Jacksonville Banner. (Jacksonville, Tex.), Vol. 7, No. 14, Ed. 1 Saturday, August 11, 1894 Page: 4 of 8
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Subscription, $1.50 per Annum.
Published Every Saturday.
Jacksonville, Tex., Aug. 11, 1894.
J. E. McFarland, Editor & Prop.
The “Boomer,” of which the Banner ia suc-
SMSor, was admitted at the poatofflce at Jack-
sonville, Texas, for transmission through the
ittils, as second class matter.
CHAS. A. CULBERSON,
of Dallas Co.
GEORGE T. JESTER,
of Navarro Co.
For U. S. Senator,
of Smith Co.
W. N. WIGGINS,
of Cherokee Co.
For Land Commissioner,
D. D. DODD,
of Cass Co.
DEMOCRATIC COUNTY TICKET
For County Judge,
F. B. GUINN.
This has been a week of Con-
Kolb kouldn’t kalkulate kor-
rectly, kould he, Kolcl Kabbage?
Pass Mr. Kolb, of Alabama, the
crow, if you please. Make it a
double order, and season well with
Chilton will probably secure
the indorsement of the State con-
vention, as nearly every county
has declared in his favor.
Hodges, Cranford and Shepard
have the fourth Congressional con-
vention locked. It is likely they
will compromise by offering the
nomination to Hon. D. B. Culber-
son, the present incumbent, who
declined to make the race for re-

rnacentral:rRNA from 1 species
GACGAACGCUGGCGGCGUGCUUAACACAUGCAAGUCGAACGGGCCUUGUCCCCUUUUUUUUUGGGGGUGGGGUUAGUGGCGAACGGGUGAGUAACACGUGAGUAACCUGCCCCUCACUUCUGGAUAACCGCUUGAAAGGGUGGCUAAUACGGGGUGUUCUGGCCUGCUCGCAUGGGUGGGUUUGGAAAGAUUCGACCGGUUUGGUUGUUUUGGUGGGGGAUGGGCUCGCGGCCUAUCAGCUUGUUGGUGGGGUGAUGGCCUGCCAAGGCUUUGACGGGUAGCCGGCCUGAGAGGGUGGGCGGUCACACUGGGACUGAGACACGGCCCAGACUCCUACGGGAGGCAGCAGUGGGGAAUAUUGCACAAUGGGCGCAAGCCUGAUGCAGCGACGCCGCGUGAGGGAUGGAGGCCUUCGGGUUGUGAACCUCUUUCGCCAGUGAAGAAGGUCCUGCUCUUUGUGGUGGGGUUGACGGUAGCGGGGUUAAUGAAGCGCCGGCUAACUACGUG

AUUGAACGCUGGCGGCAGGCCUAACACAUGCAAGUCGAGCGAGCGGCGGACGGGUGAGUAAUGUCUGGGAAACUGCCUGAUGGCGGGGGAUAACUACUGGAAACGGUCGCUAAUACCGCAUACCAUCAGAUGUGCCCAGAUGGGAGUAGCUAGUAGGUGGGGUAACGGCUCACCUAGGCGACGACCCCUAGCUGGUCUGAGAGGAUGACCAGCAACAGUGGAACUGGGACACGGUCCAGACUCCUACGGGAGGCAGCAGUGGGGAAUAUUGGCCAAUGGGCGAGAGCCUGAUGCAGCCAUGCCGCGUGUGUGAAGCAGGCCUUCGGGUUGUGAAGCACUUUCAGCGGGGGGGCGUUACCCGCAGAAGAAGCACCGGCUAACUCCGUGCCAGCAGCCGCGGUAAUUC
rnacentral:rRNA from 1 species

Panola county held primaries
Tuesday. The county went for
Culberson for governor, Wiggins
for comptroller and Perkins for
The Congressional convention
for the thirteenth district is in ses-
sion at Decatur. The candidates
are Cockrell, Dean and Cobb, the
first named lacking only four votes
of a nomination at last report.
The Congressional convention
for the third district is now in
session at Mineola. McCord, of
Smith; Yoakum, of Hunt; Kilgore,
of Yan Zandt; and Milner, of
Rusk; are the candidates seeking
For County Attorney,
J, E. SHOOK.
J. S. MATKIN.
For Tax Collector,
JOE G. SUMMERS.
For Tax Assessor,
C. A. BALLEW.
For District Clerk,
GEORGE B. TERRELL.
For County Clerk.
E. C. (COKE) TAYLOR.
For County Treasurer,
Q. C. LOONEY.
For County Commissioner, Pre. No. 3,
W. H. TATUM.
For Justice of the Peace, Pre. No. 3,
J. H. LANE.